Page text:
What is the role of the Royal Court of Jersey in trustee applications for directions regarding disclosure of trust information?
In December 2013, the Royal Court of Jersey blessed the decision of the trustee of the Y Trust to refuse disclosure of information concerning the trust to the first respondent (Mrs B) in her capacity as former beneficiary of the trust (In the matter of the Y Trust  JRC 027). The application raised the issue of the function of the court, namely whether the court was exercising its own discretion in supervising and, where necessary, intervening in the administration of a trust or, on the facts of the case, giving its blessing to the proposed exercise of the trustee’s discretion.
The facts, in summary, were that the settlor was acquainted with the husband of Mrs B, namely Mr B, who, the trustee understood, assisted the settlor in the acquisition of real property held by the trust. Mr B was to be remunerated for his advisory services. The settlor requested that this remuneration be made through the trust by way of distributions to Mrs B. The trustee acceded to this request and, accordingly, Mrs B was made a beneficiary on 17 March 2010. Substantial distributions were made to her and at the settlor’s request she ceased to be a beneficiary on 6 September 2011.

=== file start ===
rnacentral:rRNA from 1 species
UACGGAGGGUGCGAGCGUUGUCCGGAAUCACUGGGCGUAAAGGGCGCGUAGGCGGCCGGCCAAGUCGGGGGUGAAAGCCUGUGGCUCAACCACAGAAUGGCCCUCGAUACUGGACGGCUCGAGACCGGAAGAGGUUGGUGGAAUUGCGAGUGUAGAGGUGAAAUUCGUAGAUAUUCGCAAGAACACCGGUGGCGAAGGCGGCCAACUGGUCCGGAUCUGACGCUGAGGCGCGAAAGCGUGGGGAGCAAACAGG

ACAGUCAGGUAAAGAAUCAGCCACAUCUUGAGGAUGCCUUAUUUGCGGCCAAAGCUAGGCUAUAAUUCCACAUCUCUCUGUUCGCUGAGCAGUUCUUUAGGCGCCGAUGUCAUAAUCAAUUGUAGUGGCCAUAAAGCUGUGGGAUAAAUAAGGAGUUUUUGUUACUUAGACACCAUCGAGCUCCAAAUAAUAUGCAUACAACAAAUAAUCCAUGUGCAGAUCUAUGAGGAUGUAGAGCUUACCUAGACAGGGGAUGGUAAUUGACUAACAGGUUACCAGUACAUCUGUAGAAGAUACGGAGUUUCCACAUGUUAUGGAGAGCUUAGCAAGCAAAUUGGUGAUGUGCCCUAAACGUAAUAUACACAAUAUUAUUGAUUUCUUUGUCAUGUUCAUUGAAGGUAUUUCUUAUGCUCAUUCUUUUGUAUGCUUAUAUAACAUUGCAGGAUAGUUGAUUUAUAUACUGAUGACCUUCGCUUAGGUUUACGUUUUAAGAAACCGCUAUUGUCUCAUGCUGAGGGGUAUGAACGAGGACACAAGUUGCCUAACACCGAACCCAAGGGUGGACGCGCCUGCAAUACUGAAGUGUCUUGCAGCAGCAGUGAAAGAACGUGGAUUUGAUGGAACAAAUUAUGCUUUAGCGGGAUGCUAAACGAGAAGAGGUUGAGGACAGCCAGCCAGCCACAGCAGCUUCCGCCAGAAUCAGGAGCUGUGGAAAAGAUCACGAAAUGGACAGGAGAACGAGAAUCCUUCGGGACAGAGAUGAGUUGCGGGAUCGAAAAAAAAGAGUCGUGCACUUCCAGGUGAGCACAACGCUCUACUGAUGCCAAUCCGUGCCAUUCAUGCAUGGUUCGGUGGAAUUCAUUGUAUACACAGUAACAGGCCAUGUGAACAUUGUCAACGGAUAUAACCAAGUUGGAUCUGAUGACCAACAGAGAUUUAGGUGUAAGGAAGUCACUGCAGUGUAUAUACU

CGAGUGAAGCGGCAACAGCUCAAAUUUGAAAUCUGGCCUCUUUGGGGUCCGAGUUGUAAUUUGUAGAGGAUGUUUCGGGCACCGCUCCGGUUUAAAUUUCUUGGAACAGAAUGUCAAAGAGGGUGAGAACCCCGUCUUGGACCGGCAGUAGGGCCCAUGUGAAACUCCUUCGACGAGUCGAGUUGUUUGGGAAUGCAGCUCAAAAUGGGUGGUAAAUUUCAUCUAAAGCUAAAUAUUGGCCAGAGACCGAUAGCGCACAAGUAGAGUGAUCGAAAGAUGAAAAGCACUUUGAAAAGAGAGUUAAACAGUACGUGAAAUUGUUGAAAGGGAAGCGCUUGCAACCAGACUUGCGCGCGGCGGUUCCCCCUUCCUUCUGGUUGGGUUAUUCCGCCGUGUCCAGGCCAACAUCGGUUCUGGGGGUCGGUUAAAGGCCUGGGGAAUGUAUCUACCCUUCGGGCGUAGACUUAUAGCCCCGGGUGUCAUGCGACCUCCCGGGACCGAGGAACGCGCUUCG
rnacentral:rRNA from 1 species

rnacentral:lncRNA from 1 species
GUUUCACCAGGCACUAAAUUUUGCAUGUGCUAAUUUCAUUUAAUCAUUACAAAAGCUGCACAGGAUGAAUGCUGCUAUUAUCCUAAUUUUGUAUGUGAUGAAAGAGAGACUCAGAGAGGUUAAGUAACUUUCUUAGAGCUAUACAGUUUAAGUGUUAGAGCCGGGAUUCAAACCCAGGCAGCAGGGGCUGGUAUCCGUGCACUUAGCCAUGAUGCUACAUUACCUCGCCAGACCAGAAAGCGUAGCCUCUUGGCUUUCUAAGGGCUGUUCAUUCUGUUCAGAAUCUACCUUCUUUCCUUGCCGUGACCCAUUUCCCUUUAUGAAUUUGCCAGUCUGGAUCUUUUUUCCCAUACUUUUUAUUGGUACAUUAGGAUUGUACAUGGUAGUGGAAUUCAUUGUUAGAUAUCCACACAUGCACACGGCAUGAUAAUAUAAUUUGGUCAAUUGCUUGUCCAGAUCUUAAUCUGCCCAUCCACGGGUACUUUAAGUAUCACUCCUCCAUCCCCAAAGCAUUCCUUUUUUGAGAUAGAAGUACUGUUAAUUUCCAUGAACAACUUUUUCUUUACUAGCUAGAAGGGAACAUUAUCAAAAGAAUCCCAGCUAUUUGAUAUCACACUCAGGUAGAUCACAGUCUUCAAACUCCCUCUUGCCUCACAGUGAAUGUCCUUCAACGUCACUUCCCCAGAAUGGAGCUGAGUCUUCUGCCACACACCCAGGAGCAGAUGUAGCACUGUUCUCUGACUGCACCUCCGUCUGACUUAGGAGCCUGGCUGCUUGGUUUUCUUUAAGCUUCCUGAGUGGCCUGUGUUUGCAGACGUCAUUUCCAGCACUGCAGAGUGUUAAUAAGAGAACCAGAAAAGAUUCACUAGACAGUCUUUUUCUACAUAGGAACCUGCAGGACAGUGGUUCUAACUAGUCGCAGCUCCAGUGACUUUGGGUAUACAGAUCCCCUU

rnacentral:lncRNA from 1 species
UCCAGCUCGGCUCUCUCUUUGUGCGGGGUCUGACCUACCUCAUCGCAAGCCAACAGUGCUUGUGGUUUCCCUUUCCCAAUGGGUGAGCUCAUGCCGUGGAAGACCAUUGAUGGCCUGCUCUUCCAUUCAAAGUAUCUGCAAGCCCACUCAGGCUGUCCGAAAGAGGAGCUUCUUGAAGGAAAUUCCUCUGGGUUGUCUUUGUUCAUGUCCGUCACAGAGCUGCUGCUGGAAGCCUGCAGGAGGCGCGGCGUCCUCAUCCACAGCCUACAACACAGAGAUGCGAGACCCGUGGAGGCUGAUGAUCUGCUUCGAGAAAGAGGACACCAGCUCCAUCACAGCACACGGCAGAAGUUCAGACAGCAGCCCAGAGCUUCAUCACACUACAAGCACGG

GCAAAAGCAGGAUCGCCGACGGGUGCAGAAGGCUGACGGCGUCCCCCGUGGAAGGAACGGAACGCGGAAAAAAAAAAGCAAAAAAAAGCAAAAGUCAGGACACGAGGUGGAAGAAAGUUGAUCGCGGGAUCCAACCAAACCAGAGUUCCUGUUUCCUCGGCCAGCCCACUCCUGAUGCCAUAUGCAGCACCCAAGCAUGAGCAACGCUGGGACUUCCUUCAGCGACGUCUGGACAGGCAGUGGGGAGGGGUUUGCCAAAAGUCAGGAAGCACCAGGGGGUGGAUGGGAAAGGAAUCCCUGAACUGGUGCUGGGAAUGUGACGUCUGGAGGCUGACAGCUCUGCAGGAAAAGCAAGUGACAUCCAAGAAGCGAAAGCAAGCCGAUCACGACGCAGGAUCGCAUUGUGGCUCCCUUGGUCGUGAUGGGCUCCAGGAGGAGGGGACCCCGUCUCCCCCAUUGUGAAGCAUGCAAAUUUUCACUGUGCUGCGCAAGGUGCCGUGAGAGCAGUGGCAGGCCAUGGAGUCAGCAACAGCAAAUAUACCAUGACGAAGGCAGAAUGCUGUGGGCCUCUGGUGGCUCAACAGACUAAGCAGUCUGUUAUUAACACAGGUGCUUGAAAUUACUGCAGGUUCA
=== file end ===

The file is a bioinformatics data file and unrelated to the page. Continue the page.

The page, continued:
In July 2013, the trustee received a letter from English solicitors acting for Mr and Mrs B seeking information in relation to the trust. Shortly thereafter, the trustee received a further letter from the English solicitors acting for Mr and Mrs B enclosing a letter before action on behalf of Mr B against the settlor…
Click on the link below to read the rest of the Mourant Ozannes briefing.
News from Mourant Ozannes
Briefings from Mourant Ozannes
Getting it right: how to make a successful application for the appointment of provisional liquidators
The main job of a judge is to determine and uphold rights of property ownership, so applications to appoint provisional liquidators tend to go against the judicial grain.
The States of Jersey have passed an amendment to the Employment (Jersey) Law 2003, incorporating a number of ‘family-friendly’ rights into the legislation.